By Hadley Heath |
The most frustrating thing about proposals to raise the Medicare eligibility age from 65 to 67 is that those who advocate the hike take for granted that it's an oh-so-logical approach to controlling healthcare spending. "People are living longer, so isn't [the current] age sort of outmoded and isn't that a good thing to address long-term?" Fox News host Martha MacCallum pointedly asked Democratic Rep. Chris Van Hollen on her program last week.
To be fair to MacCallum, she is by no means alone in propagating this demonstrably shallow logic. Raising the Medicare eligibility age is now part of House Speaker John Boehner's "counter-offer" to President Barack Obama on the so-called "fiscal cliff," and as budget negotiations proceed, there are reports that prominent Democrats—including President Obama—have been flirting with the idea, too.
But the reality is, once you delve into the mechanics and consequences of raising the Medicare age on a deeper level than "people are living longer," it becomes glaringly obvious that such a move would hurt seniors, states, and employers—all without achieving significant Medicare savings or addressing the actual roots of our healthcare cost crisis.
Let's walk through the practical implications of raising the age. First, the obvious: Implementing the eligibility hike means that seniors who retire earlier will have to wait longer to qualify for benefits. That's a pretty big deal for seniors, especially ones with spouses younger than them, since couples jointly qualify for Medicare once one party has reached the eligibility age.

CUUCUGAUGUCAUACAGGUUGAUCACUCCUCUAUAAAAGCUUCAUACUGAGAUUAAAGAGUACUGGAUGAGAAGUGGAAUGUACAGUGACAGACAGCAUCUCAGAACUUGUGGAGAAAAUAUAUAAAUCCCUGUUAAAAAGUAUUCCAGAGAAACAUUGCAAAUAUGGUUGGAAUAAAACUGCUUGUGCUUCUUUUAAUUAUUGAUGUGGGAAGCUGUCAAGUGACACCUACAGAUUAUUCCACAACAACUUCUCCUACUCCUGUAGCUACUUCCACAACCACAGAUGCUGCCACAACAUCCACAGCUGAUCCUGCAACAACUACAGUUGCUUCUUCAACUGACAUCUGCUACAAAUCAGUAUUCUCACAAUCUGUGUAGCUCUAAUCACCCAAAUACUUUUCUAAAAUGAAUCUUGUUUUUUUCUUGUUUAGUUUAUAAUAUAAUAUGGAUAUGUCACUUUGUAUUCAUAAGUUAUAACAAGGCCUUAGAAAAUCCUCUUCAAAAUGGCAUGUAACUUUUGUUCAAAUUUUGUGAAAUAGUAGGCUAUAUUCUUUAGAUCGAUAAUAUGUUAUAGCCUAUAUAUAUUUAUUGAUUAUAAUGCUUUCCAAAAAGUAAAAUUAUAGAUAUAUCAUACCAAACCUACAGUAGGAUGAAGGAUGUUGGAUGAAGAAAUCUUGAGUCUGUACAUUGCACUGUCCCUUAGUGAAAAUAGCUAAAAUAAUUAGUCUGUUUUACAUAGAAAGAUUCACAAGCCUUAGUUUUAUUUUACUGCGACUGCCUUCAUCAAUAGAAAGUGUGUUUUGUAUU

Next, you have to ask, where will these seniors between ages 65 and 67 go for their coverage? They could postpone retirement—but that means higher healthcare costs for their employers. They could go to Obamacare's insurance exchanges—but many seniors will have high enough incomes that they don't qualify for sufficient subsidies to get the plan they need, potentially forcing them to forgo insurance or care. Then there's the fact that shifting seniors from Medicare into the exchanges would make both of those insurance pools older, sicker, and costlier to cover, thus raising premiums for Americans in the exchanges as well as for Medicare Part B beneficiaries. And the icing on the cake? CBO says that even after all this shifting and asymmetric cost-sharing, raising the eligibility age would produce slim, nominal savings.
This is one of those policy proposals that make for a sensible-sounding pitch, but proves to be a shoddy deal on second glance. Shifting costs onto providers and people who actually need care will do nothing to address long-term trends in healthcare spending. Raising the eligibility age isn't serious entitlement reform—it's moving around some furniture and brokering a political deal on the backs of sick and elderly Americans.
About Sy Mukherjee Health Reporter for ThinkProgress
Debra Whitman AARP Executive Vice President for Policy and International
Ethan Rome Executive Director of Health Care for America Now
David E. Williams Cofounder of MedPharma Partners LLC,
James Capretta Visiting Fellow at the American Enterprise Institute
Robert Moffit Senior Fellow at the Heritage Foundation